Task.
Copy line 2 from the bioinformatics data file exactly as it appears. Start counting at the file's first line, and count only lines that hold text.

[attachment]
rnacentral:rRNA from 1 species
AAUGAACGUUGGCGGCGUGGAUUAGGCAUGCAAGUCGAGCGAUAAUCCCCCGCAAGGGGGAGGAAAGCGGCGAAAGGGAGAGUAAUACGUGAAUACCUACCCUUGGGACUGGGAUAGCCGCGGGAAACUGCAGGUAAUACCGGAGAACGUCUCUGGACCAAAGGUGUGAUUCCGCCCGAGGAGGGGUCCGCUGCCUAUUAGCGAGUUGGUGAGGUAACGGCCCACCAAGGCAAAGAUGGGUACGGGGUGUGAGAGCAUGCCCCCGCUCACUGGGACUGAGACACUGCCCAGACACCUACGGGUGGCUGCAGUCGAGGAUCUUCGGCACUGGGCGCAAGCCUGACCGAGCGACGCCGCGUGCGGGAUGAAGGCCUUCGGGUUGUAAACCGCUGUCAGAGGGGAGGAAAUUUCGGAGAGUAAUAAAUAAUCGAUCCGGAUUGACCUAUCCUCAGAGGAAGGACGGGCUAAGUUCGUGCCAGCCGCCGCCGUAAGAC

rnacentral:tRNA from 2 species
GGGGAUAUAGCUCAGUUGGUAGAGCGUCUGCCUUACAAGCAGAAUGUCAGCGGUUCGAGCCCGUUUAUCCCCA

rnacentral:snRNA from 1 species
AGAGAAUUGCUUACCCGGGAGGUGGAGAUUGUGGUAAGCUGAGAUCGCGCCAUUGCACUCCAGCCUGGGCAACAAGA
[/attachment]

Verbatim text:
AAUGAACGUUGGCGGCGUGGAUUAGGCAUGCAAGUCGAGCGAUAAUCCCCCGCAAGGGGGAGGAAAGCGGCGAAAGGGAGAGUAAUACGUGAAUACCUACCCUUGGGACUGGGAUAGCCGCGGGAAACUGCAGGUAAUACCGGAGAACGUCUCUGGACCAAAGGUGUGAUUCCGCCCGAGGAGGGGUCCGCUGCCUAUUAGCGAGUUGGUGAGGUAACGGCCCACCAAGGCAAAGAUGGGUACGGGGUGUGAGAGCAUGCCCCCGCUCACUGGGACUGAGACACUGCCCAGACACCUACGGGUGGCUGCAGUCGAGGAUCUUCGGCACUGGGCGCAAGCCUGACCGAGCGACGCCGCGUGCGGGAUGAAGGCCUUCGGGUUGUAAACCGCUGUCAGAGGGGAGGAAAUUUCGGAGAGUAAUAAAUAAUCGAUCCGGAUUGACCUAUCCUCAGAGGAAGGACGGGCUAAGUUCGUGCCAGCCGCCGCCGUAAGAC